2 May 2017

Since January this year, I had wanted to organize a blind tasting of Saint Emilion 2000, to compare the top classified growths against “lesser” pedigrees.

It would be a follow up to a blind tasting that I had organized in Strasbourg back in June 2005, to compare the then, virtually nouveaux nés 2000s. So I contacted my wine tasting pal Kevin Shin, in Washington D.C., who liked the idea, to help out with a venue and to get a group together, for what are now adolescent Saint Emilions: still youthful, but at least approaching early drinking windows.

Each participant brought wines, including Ausone and Cheval Blanc. I brought, for example, the two Beau Séjours, Angélus, Figeac, Canon La Gaffelière, Bélair, one of two Clos Fourtets.

Many thanks to the Association de Grands Crus Classés de Saint-Emilion for donating several bottles on behalf of their members to take part in the blind tasting, that included, as previously mentioned, many “heavy weights,” including as well Pavie, Pavie-Macquin, Troplong Mondot, Valandraud and others.

And thanks, too, to the owner of Château Corbin-Michotte, a wine that should not have been demoted in the last assessment of the Saint Emilion, in my opinion. And the tasting showed that it was a well esteemed wine. Read More


Pauillac and Saint Julien: Sweet Spots

Bordeaux 2016 barrel tasting notes

New addition: Sensual and strong Saint Julien!

By Panos Kakaviatos for 

2 May 2017

When I was tasting barrel samples in Bordeaux with wine author Jane Anson, exclusive Bordeaux en primeur critic for Decanter, blogger and ace photographer Miguel Lecuona and Bloomberg writer and wine author Elin McCoy, we were marveling at how amazing Léoville Las Cases was.

We had similar reactions at Latour and at Lafite Rothschild.

Latour (photo by Miguel Lecuona)

When I tasted Grand Puy Lacoste with writer Adam Lechmere, and Léoville Poyferré and Ducru Beaucaillou on my own?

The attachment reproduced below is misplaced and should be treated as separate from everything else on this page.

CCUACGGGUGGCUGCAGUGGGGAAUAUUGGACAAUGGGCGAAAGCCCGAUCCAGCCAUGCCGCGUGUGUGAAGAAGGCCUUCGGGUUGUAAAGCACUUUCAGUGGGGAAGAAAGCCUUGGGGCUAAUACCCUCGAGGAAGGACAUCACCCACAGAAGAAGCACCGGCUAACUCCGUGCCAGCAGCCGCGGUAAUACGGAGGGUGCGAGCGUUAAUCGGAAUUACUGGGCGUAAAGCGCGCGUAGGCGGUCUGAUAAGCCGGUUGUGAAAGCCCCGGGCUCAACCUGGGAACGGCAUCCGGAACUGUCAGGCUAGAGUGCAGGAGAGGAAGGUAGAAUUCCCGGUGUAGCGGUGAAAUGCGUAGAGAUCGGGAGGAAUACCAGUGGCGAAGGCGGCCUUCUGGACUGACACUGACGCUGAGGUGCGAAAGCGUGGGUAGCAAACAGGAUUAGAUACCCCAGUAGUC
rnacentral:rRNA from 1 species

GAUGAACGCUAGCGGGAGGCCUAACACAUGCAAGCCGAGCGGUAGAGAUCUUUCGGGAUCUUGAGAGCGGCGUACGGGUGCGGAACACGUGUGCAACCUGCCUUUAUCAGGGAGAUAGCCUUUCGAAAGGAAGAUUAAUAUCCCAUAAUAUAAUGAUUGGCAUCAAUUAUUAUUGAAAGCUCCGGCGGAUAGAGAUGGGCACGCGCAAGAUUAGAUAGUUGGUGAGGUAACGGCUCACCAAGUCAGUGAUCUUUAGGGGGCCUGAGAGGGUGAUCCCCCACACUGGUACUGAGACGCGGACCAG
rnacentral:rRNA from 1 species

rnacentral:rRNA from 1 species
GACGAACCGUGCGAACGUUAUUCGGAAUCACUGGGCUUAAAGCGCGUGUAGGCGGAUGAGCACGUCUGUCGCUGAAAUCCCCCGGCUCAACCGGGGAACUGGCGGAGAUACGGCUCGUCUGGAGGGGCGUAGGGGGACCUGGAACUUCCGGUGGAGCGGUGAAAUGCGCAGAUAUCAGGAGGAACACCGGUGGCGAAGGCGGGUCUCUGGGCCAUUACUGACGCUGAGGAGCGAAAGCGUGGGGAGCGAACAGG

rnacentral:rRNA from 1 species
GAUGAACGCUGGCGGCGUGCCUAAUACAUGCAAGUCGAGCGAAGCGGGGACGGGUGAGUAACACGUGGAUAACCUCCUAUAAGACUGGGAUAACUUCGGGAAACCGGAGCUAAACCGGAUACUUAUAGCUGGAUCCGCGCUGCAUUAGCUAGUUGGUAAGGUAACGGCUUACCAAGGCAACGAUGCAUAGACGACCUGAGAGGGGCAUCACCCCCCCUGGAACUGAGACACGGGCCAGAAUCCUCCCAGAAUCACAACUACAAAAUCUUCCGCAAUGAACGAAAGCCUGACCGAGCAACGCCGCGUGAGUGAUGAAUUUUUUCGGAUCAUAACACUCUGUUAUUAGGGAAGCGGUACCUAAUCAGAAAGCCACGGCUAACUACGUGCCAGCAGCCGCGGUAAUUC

Once again: enthusiastic tasting reactions. Read More

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The revenge of Saint Estèphe

Bordeaux 2016 barrel tasting notes

By Panos Kakaviatos for 

29 April 2017

Most readers have read the positive feedback from the barrel samples of Bordeaux 2016, including from me.  Yes, there is hype, as usual, and some prices are high (such as for Cos d’Estournel, one merchant told me), but I do believe that 2016 is a more homogeneously positive than 2015. That is to say that the highs of 2016 seem higher than most highs in 2015. And the low points of 2016 seem not as low as the low points of 2015.

Don’t get me wrong: I liked 2015 a lot. But I got an overall more exciting impression from 2016. Now that does not apply to Margaux: in 2015, Margaux was wondrous virtually across the board. In 2016, it was merely good to some cases of great. Same goes – albeit to a lesser extent – for Graves and Pessac-Léognan. But you can find class acts from both regions in 2016. Contrast that to 2015 and, say, Saint Estèphe. It was mostly a bit lacklustre in 2015. But, as Ulysses Cazabonne representative Robin Corvet, said it: 2016 is the “revenge of Saint Estèphe.” What better place to start? Read More